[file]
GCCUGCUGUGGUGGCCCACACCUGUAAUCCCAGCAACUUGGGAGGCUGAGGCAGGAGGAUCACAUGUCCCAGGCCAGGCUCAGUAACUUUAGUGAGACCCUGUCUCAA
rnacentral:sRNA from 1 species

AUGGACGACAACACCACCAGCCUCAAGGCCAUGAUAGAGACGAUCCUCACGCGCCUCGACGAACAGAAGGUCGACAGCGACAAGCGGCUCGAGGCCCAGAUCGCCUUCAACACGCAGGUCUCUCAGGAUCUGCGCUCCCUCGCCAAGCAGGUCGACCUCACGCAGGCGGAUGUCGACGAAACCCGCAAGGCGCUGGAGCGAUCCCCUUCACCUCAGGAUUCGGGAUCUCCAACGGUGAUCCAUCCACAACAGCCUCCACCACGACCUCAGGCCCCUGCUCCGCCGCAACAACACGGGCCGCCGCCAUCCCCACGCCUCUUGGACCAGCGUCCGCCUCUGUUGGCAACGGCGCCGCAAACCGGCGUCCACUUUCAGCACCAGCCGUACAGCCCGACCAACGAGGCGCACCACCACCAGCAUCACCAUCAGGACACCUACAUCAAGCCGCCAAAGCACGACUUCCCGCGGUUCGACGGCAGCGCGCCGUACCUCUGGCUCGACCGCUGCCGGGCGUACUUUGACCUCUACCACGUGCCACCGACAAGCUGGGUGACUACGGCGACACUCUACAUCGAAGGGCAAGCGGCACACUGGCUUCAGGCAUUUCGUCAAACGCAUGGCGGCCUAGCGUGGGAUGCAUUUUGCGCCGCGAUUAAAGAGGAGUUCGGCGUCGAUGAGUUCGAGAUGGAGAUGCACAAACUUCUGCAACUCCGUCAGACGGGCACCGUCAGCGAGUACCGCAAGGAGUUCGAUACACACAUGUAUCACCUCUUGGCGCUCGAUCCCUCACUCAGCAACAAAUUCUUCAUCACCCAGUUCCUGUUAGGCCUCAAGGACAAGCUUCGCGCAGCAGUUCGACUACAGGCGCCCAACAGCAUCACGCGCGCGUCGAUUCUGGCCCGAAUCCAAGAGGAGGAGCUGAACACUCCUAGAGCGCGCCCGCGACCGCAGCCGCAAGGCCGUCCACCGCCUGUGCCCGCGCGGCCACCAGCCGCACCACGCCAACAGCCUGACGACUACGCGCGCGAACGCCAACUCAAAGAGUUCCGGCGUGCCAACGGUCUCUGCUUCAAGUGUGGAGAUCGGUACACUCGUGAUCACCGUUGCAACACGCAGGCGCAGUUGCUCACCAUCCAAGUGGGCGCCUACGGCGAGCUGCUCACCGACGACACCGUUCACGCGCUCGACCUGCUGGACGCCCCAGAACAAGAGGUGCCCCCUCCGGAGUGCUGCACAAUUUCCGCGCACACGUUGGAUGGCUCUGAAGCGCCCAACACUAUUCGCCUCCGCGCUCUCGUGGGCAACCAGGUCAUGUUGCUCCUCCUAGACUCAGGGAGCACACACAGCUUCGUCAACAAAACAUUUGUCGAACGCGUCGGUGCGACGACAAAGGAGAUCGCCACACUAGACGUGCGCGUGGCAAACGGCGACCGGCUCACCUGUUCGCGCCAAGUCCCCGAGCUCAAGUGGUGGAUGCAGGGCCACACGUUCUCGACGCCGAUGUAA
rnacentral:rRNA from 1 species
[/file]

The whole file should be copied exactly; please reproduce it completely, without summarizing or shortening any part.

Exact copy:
GCCUGCUGUGGUGGCCCACACCUGUAAUCCCAGCAACUUGGGAGGCUGAGGCAGGAGGAUCACAUGUCCCAGGCCAGGCUCAGUAACUUUAGUGAGACCCUGUCUCAA
rnacentral:sRNA from 1 species

AUGGACGACAACACCACCAGCCUCAAGGCCAUGAUAGAGACGAUCCUCACGCGCCUCGACGAACAGAAGGUCGACAGCGACAAGCGGCUCGAGGCCCAGAUCGCCUUCAACACGCAGGUCUCUCAGGAUCUGCGCUCCCUCGCCAAGCAGGUCGACCUCACGCAGGCGGAUGUCGACGAAACCCGCAAGGCGCUGGAGCGAUCCCCUUCACCUCAGGAUUCGGGAUCUCCAACGGUGAUCCAUCCACAACAGCCUCCACCACGACCUCAGGCCCCUGCUCCGCCGCAACAACACGGGCCGCCGCCAUCCCCACGCCUCUUGGACCAGCGUCCGCCUCUGUUGGCAACGGCGCCGCAAACCGGCGUCCACUUUCAGCACCAGCCGUACAGCCCGACCAACGAGGCGCACCACCACCAGCAUCACCAUCAGGACACCUACAUCAAGCCGCCAAAGCACGACUUCCCGCGGUUCGACGGCAGCGCGCCGUACCUCUGGCUCGACCGCUGCCGGGCGUACUUUGACCUCUACCACGUGCCACCGACAAGCUGGGUGACUACGGCGACACUCUACAUCGAAGGGCAAGCGGCACACUGGCUUCAGGCAUUUCGUCAAACGCAUGGCGGCCUAGCGUGGGAUGCAUUUUGCGCCGCGAUUAAAGAGGAGUUCGGCGUCGAUGAGUUCGAGAUGGAGAUGCACAAACUUCUGCAACUCCGUCAGACGGGCACCGUCAGCGAGUACCGCAAGGAGUUCGAUACACACAUGUAUCACCUCUUGGCGCUCGAUCCCUCACUCAGCAACAAAUUCUUCAUCACCCAGUUCCUGUUAGGCCUCAAGGACAAGCUUCGCGCAGCAGUUCGACUACAGGCGCCCAACAGCAUCACGCGCGCGUCGAUUCUGGCCCGAAUCCAAGAGGAGGAGCUGAACACUCCUAGAGCGCGCCCGCGACCGCAGCCGCAAGGCCGUCCACCGCCUGUGCCCGCGCGGCCACCAGCCGCACCACGCCAACAGCCUGACGACUACGCGCGCGAACGCCAACUCAAAGAGUUCCGGCGUGCCAACGGUCUCUGCUUCAAGUGUGGAGAUCGGUACACUCGUGAUCACCGUUGCAACACGCAGGCGCAGUUGCUCACCAUCCAAGUGGGCGCCUACGGCGAGCUGCUCACCGACGACACCGUUCACGCGCUCGACCUGCUGGACGCCCCAGAACAAGAGGUGCCCCCUCCGGAGUGCUGCACAAUUUCCGCGCACACGUUGGAUGGCUCUGAAGCGCCCAACACUAUUCGCCUCCGCGCUCUCGUGGGCAACCAGGUCAUGUUGCUCCUCCUAGACUCAGGGAGCACACACAGCUUCGUCAACAAAACAUUUGUCGAACGCGUCGGUGCGACGACAAAGGAGAUCGCCACACUAGACGUGCGCGUGGCAAACGGCGACCGGCUCACCUGUUCGCGCCAAGUCCCCGAGCUCAAGUGGUGGAUGCAGGGCCACACGUUCUCGACGCCGAUGUAA
rnacentral:rRNA from 1 species